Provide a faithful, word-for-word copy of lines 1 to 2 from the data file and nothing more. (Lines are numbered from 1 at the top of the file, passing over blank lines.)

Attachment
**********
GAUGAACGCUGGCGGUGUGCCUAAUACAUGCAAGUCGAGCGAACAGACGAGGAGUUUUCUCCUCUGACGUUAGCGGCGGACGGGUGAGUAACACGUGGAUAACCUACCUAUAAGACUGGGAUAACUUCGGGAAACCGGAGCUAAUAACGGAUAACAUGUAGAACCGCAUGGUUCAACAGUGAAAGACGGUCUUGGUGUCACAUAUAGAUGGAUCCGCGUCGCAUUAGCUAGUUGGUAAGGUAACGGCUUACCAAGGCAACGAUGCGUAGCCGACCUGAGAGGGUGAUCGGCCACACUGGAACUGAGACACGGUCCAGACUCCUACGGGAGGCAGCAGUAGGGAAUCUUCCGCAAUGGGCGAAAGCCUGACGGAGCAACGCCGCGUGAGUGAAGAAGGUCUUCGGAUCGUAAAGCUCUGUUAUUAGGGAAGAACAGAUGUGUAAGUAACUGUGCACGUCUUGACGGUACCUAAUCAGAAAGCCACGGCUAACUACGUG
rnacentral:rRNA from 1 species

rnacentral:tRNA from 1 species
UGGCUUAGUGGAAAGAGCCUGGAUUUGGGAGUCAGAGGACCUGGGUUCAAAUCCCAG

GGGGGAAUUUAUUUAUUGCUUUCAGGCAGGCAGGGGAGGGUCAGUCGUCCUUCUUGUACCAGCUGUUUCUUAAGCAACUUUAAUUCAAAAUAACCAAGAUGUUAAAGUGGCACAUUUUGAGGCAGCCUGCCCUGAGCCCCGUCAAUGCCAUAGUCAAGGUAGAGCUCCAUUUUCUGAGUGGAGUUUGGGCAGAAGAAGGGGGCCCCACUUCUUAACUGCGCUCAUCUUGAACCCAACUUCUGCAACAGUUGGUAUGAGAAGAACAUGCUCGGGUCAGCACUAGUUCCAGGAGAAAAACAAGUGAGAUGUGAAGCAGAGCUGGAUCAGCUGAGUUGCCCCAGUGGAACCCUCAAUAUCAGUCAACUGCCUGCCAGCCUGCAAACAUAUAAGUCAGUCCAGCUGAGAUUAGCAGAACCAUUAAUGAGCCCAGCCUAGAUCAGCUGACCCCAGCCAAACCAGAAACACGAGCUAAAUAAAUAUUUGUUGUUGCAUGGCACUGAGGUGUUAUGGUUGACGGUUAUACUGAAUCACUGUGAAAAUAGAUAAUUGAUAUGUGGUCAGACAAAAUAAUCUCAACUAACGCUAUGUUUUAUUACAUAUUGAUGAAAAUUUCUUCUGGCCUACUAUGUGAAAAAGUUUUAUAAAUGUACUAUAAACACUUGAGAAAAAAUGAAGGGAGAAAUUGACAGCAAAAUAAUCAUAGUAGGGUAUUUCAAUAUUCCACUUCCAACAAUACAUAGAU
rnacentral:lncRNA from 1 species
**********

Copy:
GAUGAACGCUGGCGGUGUGCCUAAUACAUGCAAGUCGAGCGAACAGACGAGGAGUUUUCUCCUCUGACGUUAGCGGCGGACGGGUGAGUAACACGUGGAUAACCUACCUAUAAGACUGGGAUAACUUCGGGAAACCGGAGCUAAUAACGGAUAACAUGUAGAACCGCAUGGUUCAACAGUGAAAGACGGUCUUGGUGUCACAUAUAGAUGGAUCCGCGUCGCAUUAGCUAGUUGGUAAGGUAACGGCUUACCAAGGCAACGAUGCGUAGCCGACCUGAGAGGGUGAUCGGCCACACUGGAACUGAGACACGGUCCAGACUCCUACGGGAGGCAGCAGUAGGGAAUCUUCCGCAAUGGGCGAAAGCCUGACGGAGCAACGCCGCGUGAGUGAAGAAGGUCUUCGGAUCGUAAAGCUCUGUUAUUAGGGAAGAACAGAUGUGUAAGUAACUGUGCACGUCUUGACGGUACCUAAUCAGAAAGCCACGGCUAACUACGUG
rnacentral:rRNA from 1 species